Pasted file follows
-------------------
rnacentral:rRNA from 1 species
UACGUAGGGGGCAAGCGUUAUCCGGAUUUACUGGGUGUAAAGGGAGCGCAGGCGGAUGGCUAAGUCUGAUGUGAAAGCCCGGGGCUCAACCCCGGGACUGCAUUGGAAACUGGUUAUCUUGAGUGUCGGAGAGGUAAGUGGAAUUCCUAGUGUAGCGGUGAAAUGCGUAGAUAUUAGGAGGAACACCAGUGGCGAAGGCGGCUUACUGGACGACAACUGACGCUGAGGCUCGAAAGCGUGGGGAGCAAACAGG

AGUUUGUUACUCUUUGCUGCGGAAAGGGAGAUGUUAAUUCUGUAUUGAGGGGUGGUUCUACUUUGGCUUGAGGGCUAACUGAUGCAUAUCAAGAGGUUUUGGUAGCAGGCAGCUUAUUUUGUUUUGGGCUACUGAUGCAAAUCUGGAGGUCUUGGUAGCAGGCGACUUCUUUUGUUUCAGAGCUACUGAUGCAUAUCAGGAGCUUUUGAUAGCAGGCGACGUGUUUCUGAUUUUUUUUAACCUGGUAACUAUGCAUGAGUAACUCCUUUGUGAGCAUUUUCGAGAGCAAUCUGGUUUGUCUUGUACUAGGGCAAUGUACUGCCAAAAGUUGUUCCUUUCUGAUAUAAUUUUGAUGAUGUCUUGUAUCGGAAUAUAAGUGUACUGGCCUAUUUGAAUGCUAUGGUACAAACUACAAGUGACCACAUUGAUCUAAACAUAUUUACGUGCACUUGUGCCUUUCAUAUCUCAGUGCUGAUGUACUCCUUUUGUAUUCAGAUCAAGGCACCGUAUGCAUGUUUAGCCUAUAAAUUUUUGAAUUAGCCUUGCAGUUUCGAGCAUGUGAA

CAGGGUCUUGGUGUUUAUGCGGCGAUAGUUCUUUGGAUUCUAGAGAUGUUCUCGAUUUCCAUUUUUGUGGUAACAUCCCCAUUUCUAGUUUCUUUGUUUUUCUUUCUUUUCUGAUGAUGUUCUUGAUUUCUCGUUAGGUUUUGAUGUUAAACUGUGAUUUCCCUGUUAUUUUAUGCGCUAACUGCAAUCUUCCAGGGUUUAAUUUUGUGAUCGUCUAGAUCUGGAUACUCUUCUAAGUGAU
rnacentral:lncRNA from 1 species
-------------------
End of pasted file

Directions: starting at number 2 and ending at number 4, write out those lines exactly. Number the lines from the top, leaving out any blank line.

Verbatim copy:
UACGUAGGGGGCAAGCGUUAUCCGGAUUUACUGGGUGUAAAGGGAGCGCAGGCGGAUGGCUAAGUCUGAUGUGAAAGCCCGGGGCUCAACCCCGGGACUGCAUUGGAAACUGGUUAUCUUGAGUGUCGGAGAGGUAAGUGGAAUUCCUAGUGUAGCGGUGAAAUGCGUAGAUAUUAGGAGGAACACCAGUGGCGAAGGCGGCUUACUGGACGACAACUGACGCUGAGGCUCGAAAGCGUGGGGAGCAAACAGG

AGUUUGUUACUCUUUGCUGCGGAAAGGGAGAUGUUAAUUCUGUAUUGAGGGGUGGUUCUACUUUGGCUUGAGGGCUAACUGAUGCAUAUCAAGAGGUUUUGGUAGCAGGCAGCUUAUUUUGUUUUGGGCUACUGAUGCAAAUCUGGAGGUCUUGGUAGCAGGCGACUUCUUUUGUUUCAGAGCUACUGAUGCAUAUCAGGAGCUUUUGAUAGCAGGCGACGUGUUUCUGAUUUUUUUUAACCUGGUAACUAUGCAUGAGUAACUCCUUUGUGAGCAUUUUCGAGAGCAAUCUGGUUUGUCUUGUACUAGGGCAAUGUACUGCCAAAAGUUGUUCCUUUCUGAUAUAAUUUUGAUGAUGUCUUGUAUCGGAAUAUAAGUGUACUGGCCUAUUUGAAUGCUAUGGUACAAACUACAAGUGACCACAUUGAUCUAAACAUAUUUACGUGCACUUGUGCCUUUCAUAUCUCAGUGCUGAUGUACUCCUUUUGUAUUCAGAUCAAGGCACCGUAUGCAUGUUUAGCCUAUAAAUUUUUGAAUUAGCCUUGCAGUUUCGAGCAUGUGAA

CAGGGUCUUGGUGUUUAUGCGGCGAUAGUUCUUUGGAUUCUAGAGAUGUUCUCGAUUUCCAUUUUUGUGGUAACAUCCCCAUUUCUAGUUUCUUUGUUUUUCUUUCUUUUCUGAUGAUGUUCUUGAUUUCUCGUUAGGUUUUGAUGUUAAACUGUGAUUUCCCUGUUAUUUUAUGCGCUAACUGCAAUCUUCCAGGGUUUAAUUUUGUGAUCGUCUAGAUCUGGAUACUCUUCUAAGUGAU